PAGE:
Adam Sikora obtained his PhD from the Polish Academy of Science in 1994. Between 1995 and 2001 he was a visiting fellow at the Australian National University. Then he worked as Assistant Professor @ New Mexico State University (United States) before joining Macquarie University in 2009.

Slides to the talk

Spreading rate for the Fisher-KPP nonlocal diffusion equation with free boundary

We consider a class of manifolds \(\mathcal{M}\) obtained by taking the connected sum of a finite number of \(N\)-dimensional Riemannian manifolds of the form \((\mathbb{R}^{n_i}, \delta) \times (\mathcal{M}_i, g)\), where \(\mathcal{M}_i\) is a compact manifold, with the product metric. The case of greatest interest is when the Euclidean dimensions \(n_i\) are not all equal. This means that the ends have different `asymptotic dimensions', and implies that the Riemannian manifold \(\mathcal{M}\) is not a doubling space.We completely describe the range of exponents \(p\) for which the Riesz transform and vertical square function on \(\mathcal{M}\) are bounded operators on \(L^p(\mathcal{M})\).

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Monday, 31 May 2021.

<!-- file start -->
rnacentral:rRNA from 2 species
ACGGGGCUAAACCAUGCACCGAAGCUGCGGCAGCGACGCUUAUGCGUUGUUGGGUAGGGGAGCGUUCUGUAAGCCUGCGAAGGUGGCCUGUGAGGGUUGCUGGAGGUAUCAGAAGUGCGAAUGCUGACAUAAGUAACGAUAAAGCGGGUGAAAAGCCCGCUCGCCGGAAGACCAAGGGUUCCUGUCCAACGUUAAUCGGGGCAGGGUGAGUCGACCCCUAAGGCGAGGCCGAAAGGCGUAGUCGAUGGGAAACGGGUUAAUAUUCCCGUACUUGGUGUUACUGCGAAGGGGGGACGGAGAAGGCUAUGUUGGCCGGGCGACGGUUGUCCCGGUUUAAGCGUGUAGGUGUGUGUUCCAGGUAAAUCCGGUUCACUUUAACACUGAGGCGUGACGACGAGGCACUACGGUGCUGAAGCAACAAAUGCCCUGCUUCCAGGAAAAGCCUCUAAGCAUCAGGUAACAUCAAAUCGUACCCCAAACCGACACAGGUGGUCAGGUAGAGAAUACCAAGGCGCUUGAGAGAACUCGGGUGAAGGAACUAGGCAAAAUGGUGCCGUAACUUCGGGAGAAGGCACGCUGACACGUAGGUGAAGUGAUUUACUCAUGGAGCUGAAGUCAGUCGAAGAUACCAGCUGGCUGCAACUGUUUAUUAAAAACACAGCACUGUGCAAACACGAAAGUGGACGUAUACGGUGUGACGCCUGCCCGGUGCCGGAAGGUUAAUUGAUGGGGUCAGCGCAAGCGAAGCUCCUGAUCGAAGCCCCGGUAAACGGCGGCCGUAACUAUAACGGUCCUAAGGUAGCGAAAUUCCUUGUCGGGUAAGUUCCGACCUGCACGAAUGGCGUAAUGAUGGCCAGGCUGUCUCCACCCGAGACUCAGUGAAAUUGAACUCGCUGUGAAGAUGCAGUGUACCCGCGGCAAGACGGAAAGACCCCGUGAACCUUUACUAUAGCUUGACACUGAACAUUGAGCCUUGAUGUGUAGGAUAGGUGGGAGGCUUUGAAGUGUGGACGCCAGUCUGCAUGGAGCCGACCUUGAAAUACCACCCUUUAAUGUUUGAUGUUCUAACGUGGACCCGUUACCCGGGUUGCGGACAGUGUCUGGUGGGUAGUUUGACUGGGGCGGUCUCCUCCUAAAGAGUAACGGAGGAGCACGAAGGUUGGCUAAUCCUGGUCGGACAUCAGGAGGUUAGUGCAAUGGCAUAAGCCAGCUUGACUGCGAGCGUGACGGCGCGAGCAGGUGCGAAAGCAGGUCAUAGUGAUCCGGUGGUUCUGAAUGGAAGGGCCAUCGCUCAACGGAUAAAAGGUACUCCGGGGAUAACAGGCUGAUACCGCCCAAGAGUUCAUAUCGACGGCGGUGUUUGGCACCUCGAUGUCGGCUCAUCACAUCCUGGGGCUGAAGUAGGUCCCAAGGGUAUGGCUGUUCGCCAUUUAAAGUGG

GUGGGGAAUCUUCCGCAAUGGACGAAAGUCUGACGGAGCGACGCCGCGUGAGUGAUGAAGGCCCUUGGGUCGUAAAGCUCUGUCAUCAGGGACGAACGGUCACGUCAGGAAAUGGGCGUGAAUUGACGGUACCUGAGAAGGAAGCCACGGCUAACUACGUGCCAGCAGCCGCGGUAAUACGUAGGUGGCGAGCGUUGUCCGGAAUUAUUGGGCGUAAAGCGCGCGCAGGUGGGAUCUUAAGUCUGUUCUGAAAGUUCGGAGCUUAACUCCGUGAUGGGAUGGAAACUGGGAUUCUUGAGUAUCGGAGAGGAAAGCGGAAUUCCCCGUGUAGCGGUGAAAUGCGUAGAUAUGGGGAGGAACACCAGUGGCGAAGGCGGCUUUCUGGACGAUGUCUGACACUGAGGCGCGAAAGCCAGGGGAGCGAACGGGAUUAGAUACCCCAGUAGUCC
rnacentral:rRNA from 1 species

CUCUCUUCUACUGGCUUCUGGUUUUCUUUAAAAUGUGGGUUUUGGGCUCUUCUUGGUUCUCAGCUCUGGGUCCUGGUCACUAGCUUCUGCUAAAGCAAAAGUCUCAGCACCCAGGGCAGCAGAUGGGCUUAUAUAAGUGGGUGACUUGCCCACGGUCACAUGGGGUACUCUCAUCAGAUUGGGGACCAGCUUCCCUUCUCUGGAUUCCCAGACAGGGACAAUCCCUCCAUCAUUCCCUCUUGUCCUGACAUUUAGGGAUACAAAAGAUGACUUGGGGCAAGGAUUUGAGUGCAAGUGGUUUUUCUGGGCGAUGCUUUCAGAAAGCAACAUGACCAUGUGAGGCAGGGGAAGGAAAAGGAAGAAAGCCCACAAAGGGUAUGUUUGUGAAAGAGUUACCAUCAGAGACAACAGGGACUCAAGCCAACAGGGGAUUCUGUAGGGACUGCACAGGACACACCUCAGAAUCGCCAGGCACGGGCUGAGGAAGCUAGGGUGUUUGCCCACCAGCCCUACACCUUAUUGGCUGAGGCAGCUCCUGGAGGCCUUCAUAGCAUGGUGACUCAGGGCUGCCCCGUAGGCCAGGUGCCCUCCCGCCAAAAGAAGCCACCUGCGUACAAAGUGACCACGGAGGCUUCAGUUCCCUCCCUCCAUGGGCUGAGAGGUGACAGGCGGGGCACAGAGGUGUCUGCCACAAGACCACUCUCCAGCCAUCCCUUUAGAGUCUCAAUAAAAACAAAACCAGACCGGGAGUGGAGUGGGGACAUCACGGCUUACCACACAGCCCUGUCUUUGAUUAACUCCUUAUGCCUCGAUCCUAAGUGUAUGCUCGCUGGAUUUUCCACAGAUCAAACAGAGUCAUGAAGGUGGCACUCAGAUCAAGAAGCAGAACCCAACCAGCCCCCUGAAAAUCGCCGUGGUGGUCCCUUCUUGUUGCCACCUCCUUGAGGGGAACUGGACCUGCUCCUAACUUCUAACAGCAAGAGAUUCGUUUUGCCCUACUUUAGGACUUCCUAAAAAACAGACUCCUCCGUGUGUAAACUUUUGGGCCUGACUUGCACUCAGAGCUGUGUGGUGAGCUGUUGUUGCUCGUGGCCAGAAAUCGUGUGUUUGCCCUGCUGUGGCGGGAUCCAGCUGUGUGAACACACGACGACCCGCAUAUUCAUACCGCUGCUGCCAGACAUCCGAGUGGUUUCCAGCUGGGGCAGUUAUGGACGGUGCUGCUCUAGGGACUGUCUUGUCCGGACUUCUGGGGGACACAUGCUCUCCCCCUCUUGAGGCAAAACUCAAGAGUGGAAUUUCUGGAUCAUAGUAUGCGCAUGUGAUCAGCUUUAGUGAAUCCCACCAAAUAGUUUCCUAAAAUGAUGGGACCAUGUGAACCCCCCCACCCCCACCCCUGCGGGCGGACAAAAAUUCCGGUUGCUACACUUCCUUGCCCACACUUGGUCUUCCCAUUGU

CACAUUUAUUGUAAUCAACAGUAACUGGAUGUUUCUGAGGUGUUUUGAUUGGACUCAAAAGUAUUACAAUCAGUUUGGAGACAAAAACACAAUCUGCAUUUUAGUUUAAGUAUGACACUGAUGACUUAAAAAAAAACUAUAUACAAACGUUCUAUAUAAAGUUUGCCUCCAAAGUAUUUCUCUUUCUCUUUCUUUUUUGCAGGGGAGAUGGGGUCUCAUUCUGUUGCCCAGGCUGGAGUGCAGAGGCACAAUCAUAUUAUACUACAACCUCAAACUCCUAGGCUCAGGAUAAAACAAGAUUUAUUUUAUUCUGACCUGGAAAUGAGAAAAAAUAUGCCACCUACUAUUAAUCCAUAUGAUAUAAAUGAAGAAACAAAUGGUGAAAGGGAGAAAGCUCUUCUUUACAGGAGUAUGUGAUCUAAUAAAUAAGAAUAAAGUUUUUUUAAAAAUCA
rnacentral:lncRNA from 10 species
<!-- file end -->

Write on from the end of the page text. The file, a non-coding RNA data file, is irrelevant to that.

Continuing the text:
Yihong Du
Professor @ University of New England, Australia.
Yihong obtained his PhD in 1988 from Shandong University (China). After spending two years at Shandong University as a Lecturer (1988-90), and one year at Heriot-Watt University, UK,(1990-91), he joined UNE in 1991, as a postdoctoral research fellow (1991-92) working with Prof. E.N. Dancer. He became a Lecturer at UNE in 1993 and was promoted to a Professor in 2008. While at UNE, he visited Heriot-Watt University (UK), the Chinese Academy of Science (1999, 2001), the University of Tokyo and Waseda University (2006), and the Institute of Mathematics and Applications at the University of Minnesota (2012).

Slides to the talk

Spreading rate for the Fisher-KPP nonlocal diffusion equation with free boundary

Propagation has been modelled by reaction-diffusion equations since the pioneering works of Fisher and Kolmogorov-Peterovski-Piskunov (KPP). Much new developments have been achieved in the past several decades on the modelling of propagation, with traveling wave and related solutions playing a central role. In this talk, I will report some recent results obtained with several collaborators on the Fisher-KPP equation with free boundary and "nonlocal diffusion". A key feature of this nonlocal equation is that the propagation may or may not be determined by traveling wave solutions. There is a threshold condition on the kernel function which determines whether the propagation rate is linear or superlinear in time, also known as accelerated spreading in the latter case, where the rate of spreading is not determined by traveling waves. For some typical kernel functions, sharp estimates of the spreading rate will be presented.